#TBT Reel Review: Pitch Perfect

Sometimes movies are all about timing and a prime example of that was the release and success of Pitch Perfect back in 2012. The film was released in the wake of the success of Glee, which brought singing competitions and teen angst to the mainstream when it exploded out of the gate in 2009. The popularity of Glee was peaking in 2012 and Pitch Perfect struck right in the middle of that peak. The film was a surprise hit, grossing $65 million domestically and $115 million worldwide (all on a  $17 million budget) but its impact on pop culture would be felt long after it left theaters.

The film became even bigger when it hit the home release and its soundtrack sold 1.2 million copies in a day and age when soundtracks just don’t do business like that anymore. The soundtrack proved to be so popular that it even produced a top 6 single with Anna Kendrick’s cover of “Cups” (When I’m Gone)”. That single alone sold 2.5 million digital downloads.

Looking back on it, it’s easy to see why Pitch Perfect struck a chord. It’s an easy and breezy comedy that features fun songs but it’s most engaging selling point is the infectious chemistry of its cast. There are cliches to be found for sure, but the cast elevates the material and allows Pitch Perfect to continue to be a film that is never dull to watch.

The plot revolves around the rivalry between two a cappella groups at Barden University: the all-male Treblemakers and the all-female Barden Bellas. The Bellas are the perennial also-rans and 2012 looks to be no different until the addition of several new members – loner Beca (Anna Kendrick), oversexed Stacie (Alexis Knapp), flamboyant Fat Amy (Rebel Wilson), and scary Lilly (Hana Mae Lee) – shakes things up. But the Treblemakers get better as well by adding incoming freshman Jesse (Skylar Astin). Meanwhile, the leader of the Bellas, Aubrey (Anna Camp), is unimpressed by Beca’s ideas about how to modernize their routines, even though Beca has the support of Aubrey’s best friend, Chloe (Brittany Snow). Meanwhile, Jesse romances Beca, and her initial opposition to a boyfriend/girlfriend relationship melts.

The Glee influence, although never really publicly mentioned, is largely felt throughout the film. There is an earnestness that was prevalent on that show that shows up in spades in Pitch Perfect. This is by no means a detriment. Sometimes you need a show or movie that has its heart in the right place and taps into certain feelings to engage its audience. Much like when Glee was at its peak, Pitch Perfect is always fun. The songs are instantly infectious and the energy of the performances is felt throughout. I can recall seeing the riff-off that features “No Diggity” for the first time in theaters and the audience actually sang and clapped along. That is when you know a musical in any fashion is making an impact. If it can make you forget you’re sitting in a crowded theater and participate like it’s a live show, that’s saying something.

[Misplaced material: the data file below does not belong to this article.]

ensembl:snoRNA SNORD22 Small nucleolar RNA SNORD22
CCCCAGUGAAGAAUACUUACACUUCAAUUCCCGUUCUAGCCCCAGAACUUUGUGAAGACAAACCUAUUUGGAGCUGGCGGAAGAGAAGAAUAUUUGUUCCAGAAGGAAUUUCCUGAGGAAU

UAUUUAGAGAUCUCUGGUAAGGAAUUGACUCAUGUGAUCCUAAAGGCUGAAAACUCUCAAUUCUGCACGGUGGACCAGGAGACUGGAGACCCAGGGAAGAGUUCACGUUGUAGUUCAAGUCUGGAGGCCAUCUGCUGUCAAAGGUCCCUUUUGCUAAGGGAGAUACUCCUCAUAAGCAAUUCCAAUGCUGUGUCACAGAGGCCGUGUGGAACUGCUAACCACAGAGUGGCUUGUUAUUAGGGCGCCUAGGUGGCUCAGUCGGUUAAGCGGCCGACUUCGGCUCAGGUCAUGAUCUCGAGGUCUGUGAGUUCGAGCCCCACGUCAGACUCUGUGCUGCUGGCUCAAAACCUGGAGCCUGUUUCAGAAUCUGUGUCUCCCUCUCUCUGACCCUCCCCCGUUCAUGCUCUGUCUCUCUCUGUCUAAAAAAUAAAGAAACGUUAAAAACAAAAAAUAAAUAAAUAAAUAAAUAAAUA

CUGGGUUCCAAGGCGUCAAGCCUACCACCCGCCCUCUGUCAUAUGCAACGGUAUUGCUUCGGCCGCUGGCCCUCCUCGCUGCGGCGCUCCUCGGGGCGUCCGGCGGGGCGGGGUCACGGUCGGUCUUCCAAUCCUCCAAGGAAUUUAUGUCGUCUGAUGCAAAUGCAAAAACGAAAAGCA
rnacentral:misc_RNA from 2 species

Putting Pitch Perfect over the edge is its cast. Every cast member gets a moment to shine which actually makes this a true ensemble piece. Leading the pack is Anna Kendrick who was on the fast track at the time due to her Oscar nomination for Up In The Air. Kendrick is easily accessible and she has a quality that makes you feel like you could know her. A few actresses have this ability (Sandra Bullock, Emma Stone, and Jennifer Lawrence also possess this trait in roles) but Kendrick has truly made it her bread and butter. She’s likable in all the best ways and she is strong enough to lead the cast. At the time Rebel Wilson was also breaking out due to memorable roles in Bridesmaids and Bachelorette and she solidified herself as one to watch in this film. Some say her schtick is tired but I still find it highly amusing and there is no denying that she steals her handful of scenes. The other Bellas which consist of Brittany Snow, Anna Camp, Ester Dean, Alexis Knapp, and Hana Mae Lee, round out a wonderful cast that shows the power of cast chemistry. On the male side of things, Skylar Austin makes us guys wish we could sing and somehow swoon the likes of Anna Kendrick while Ben Platt gets some solid moments as the nerdy and shy, Benji.

Deserving of their own paragraph are Elizabeth Banks and John Michael Higgins who steal the show with their play-by-play commentary of the singing competition as commentators Gail and John. The most amusing lines of the film come from these two and it represents the epitome of comic timing. Even if you’re not one to dig the more musical aspects of the film, these two make the movie worthy of at least a glance.

This film actually celebrated its 5th anniversary this year and it’s crazy to think that it was actually that long ago. It would be easy to dismiss Pitch Perfect as a passing fad that captivated its young adult audience in the moment but it has certainly stood up over time and is still one fun movie to watch.

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About Gaius Bolling 942 Articles
At the age of five, I knew I wanted to write movies and about them. I've set out to make those dreams come true. As an alumni of the Los Angeles Film Academy, I participated in their Screenwriting program, while building up my expertise in film criticism. I write reviews that relate to the average moviegoer by educating my readers and keeping it fun. My job is to let you know the good, the bad, and the ugly in the world of cinema, so you can have your best moviegoing experience. You can find more of my writing on Instagram @g_reelz.
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